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Posts Tagged ‘Alexandra Carlin’

Art Garfunkel and Good Housekeeping‘s Campaign to End Childhood Hunger

LunchAtMichaelsThere wasn’t much that could top last week’s head-spinning celebrity scene at Michael’s, so today was pretty quiet by comparison except for the random appearance of Art Garfunkel. I guess I could have asked him about Paul Simon‘s recent trip to a Connecticut courtroom and perhaps gotten him to weigh in on his erstwhile partner’s domestic woes, but I only noticed him on the way out the door. It’s hard to fathom, I know, but in the era that spawned Kimye there are some celebrities who prefer to go unnoticed. However, the same cannot be said the mavens and machers who are Wednesday regulars at 55th and Fifth. After all, if your power lunch isn’t documented for posterity, what good is it? Present and accounted for: Star Jones, Jonathan Wald (most recently of the now-defunct Piers Morgan Tonight), ex-CNBC talker Larry Kudlow, Ed Klein and Andrew Stein (together at Table 3) among the crowd of familiar faces.

Diane Clehane and Jane Francisco

Diane Clehane and Jane Francisco

I was joined today by Good Housekeeping‘s smart, vivacious new-ish EIC Jane Francisco, and we had plenty to talk about. We shared horror stories over malfunctioning tape recorders during celebrity interviews (more on that later) and traded favorites among our mutual passions, which included books (she’s a big Jane Austen fan) and scripted TV drama (she’s a “binge watcher” of The Good Wife, Scandal and past seasons Mad Men – no spoiler talk, please). But I was also interested in finding out what the transplanted Canadian (who was born in Michigan, but headed for The Great White North with her family when she was 4) had to say about her experience taking the reigns at GH, a quintessential American brand. Having come from Chatelaine, Canada’s leading women’s lifestyle brand and the country’s largest paid circulation magazine, Jane was no stranger to helming a major media franchise with a broad audience when she was tapped for the top job in November of last year. “When I first met with Ellen Levine (Hearst’s editorial director and former GH EIC), we had lunch and she told me Good Housekeeping was ‘uniquely American,’ but I grew up with it and both my mother and grandmother read it in Canada.”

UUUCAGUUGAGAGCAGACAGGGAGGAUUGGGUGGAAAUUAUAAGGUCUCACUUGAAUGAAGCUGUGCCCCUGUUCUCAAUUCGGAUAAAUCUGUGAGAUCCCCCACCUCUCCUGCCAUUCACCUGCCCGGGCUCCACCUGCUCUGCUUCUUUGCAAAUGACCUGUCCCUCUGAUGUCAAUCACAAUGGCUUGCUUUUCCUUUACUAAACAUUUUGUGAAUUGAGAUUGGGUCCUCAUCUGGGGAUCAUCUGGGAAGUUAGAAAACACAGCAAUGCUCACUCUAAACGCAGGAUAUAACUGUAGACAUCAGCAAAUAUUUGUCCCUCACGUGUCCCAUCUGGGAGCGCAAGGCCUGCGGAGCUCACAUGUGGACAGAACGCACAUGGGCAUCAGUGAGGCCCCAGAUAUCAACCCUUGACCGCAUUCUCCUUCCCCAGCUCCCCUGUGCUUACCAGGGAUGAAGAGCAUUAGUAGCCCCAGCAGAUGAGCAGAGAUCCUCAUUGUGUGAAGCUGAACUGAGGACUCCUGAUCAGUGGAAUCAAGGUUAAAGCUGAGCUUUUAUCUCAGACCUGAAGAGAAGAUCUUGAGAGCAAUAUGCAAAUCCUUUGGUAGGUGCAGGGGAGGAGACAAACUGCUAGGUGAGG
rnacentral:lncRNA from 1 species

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Exclusive! The First Interview with Dr. Oz on His New Hearst Title

LunchAtMichaelsWe understand that the deadline for Oscar voters to send in their ballots is today, but we’re still more than a little miffed that we missed seeing Leonardo DiCaprio, Bruce Dern and Richard Gere by a day. A little birdie told us Paramount threw a schmoozefest in the middle of Michael’s dining room yesterday to drum up some Academy love for its pictures — the overly long and ridiculously profane The Wolf of Wall Street and the absolutely brilliant Nebraska. Having a slew of Tinseltown A-listers in their midst gave the regular folks (it’s a relative term, I know) a chance to do some serious stargazing. “It was a bit surreal,” one diner told me. It seems only fitting to us that Hollywood took over the dining room on a day when the rest of Manhattan was in a deep freeze straight out of a disaster movie. The Day After Tomorrow, anyone?

Well, it is Wednesday, after all, and we wanted to start our new year of celebrity confabs off on the right foot so who better to whip us into shape than none other than Dr. Mehmet Oz, the Emmy-Award winning daytime television host, author of seven New York Times Bestsellers and dispenser of daily doses of helpful medical tips on 1010WINS.

Diane Clehane and Dr. Mehmet Oz

Diane Clehane and Dr. Mehmet Oz

And oh, yes, he’s also a renowned cardiothoracic surgeon at New York Presbyterian Hospital, who somehow manages to find the time to perform about 100 heart surgeries a year (he has office hours on Thursdays if you’re wondering) and a part-time superhero who goes around rescuing New Yorkers in peril all in the course of an average day. At lunch he told me of another tale of  being at the right place at the right time which occurred the same month he came to the aid of the woman who was seriously injured when she was hit by a cab on Sixth Avenue. During a trip to Salt Lake City, a fellow marathoner literally fell in Dr. Oz’s path when the man went into distress due to a heart problem. Of course, Dr. Oz was able to put him in an ambulance, visit him the next day and has stayed in touch to stay apprised of his defacto patient’s recovery.

The good doctor is launching his own lifestyle magazine in partnership with Hearst titled Dr. Oz The Good Life, and this afternoon he brought along a retinue of bigwigs and handlers from his various projects and his charming wife Lisa Oz, whose CV includes a career in television and her own slew of bestsellers (the couple co-authored their You series together; Lisa wrote Us solo and as a result, says Dr. Oz, his wife has “one more bestseller than I do!”).

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The ‘Cosmo 100′ Starring Sarah Jessica Parker and Jessica Seinfeld; The Wednesday Crowd with Star Jones and Doris Kearns Goodwin